People who represent themselves in court without a lawyer are called self-represented litigants (SRLs), also sometimes called pro se litigants (pro se means "for oneself" in Latin). People choose to represent themselves for many reasons. Often it is because they can't pay for an attorney. Sometimes it is because they believe that their legal issue is simple. For whatever reason, representing yourself in court without knowing the law or how court works can be hard, but it's not impossible. This guide will help you find books, websites, forms, and other materials, which will help you in representing yourself.
If you need help finding any of these resources, ask your helpful public librarian for assistance. Librarians are there to help you find what you need to succeed when you finally have your day in court. In Louisiana we don't have a unified court system, so each court can be a little different. All courts have to follow the rules laid down by the Louisiana Supreme Court as well as the rules in the relevant Louisiana statutes and codes. But every court can add their own procedures and rules. So make sure you know what you need for the court you are going to. The Clerk of Court can help with some things but if they can't help or you aren't sure, ask your librarian for help finding the rules and procedures for your court.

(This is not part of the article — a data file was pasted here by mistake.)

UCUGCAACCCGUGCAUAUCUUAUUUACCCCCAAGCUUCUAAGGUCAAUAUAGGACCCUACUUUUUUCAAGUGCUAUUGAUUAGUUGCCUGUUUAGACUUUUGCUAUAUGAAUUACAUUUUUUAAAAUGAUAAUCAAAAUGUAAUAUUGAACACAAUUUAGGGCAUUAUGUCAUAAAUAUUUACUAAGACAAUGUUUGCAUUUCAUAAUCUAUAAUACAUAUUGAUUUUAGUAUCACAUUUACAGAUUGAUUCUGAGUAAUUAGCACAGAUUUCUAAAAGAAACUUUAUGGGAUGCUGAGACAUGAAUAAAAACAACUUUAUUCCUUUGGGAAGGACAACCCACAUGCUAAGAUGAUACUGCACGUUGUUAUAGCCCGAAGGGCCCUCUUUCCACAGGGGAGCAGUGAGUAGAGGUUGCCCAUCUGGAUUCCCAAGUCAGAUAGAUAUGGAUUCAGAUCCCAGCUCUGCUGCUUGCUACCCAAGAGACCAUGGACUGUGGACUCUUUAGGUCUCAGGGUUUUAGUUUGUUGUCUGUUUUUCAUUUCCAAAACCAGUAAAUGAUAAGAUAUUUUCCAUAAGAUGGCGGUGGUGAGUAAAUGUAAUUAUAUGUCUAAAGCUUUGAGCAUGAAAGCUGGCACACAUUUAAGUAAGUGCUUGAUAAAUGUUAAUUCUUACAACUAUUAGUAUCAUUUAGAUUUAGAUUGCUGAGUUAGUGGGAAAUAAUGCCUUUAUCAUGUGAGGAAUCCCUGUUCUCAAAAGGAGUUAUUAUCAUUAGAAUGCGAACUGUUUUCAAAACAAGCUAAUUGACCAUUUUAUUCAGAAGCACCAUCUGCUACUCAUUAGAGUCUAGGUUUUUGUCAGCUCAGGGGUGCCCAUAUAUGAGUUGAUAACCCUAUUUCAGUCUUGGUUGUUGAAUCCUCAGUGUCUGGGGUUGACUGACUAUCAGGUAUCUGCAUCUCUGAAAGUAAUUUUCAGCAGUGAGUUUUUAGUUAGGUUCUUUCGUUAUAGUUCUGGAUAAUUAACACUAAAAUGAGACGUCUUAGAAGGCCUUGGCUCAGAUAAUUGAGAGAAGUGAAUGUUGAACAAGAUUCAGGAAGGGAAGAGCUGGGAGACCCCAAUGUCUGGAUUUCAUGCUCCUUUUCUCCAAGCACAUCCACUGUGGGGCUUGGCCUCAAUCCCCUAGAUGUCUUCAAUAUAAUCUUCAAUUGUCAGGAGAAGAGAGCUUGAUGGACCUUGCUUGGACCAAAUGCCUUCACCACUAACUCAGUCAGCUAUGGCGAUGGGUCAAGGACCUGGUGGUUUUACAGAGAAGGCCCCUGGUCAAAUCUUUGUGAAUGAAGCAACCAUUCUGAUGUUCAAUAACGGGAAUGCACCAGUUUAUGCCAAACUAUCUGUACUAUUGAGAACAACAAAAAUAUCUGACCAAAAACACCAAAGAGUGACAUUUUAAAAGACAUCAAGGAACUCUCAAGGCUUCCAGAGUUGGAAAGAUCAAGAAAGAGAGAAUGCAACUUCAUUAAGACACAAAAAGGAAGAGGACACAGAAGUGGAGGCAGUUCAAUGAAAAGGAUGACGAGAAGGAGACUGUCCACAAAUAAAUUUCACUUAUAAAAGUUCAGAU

Check out the Louisiana State Bar Association guide to representing yourself in court for more information.
*This resource guide is updated frequently. However, if you notice something is wrong or not working, or any resources that should be added, please notify the editor at firstname.lastname@example.org. Thanks!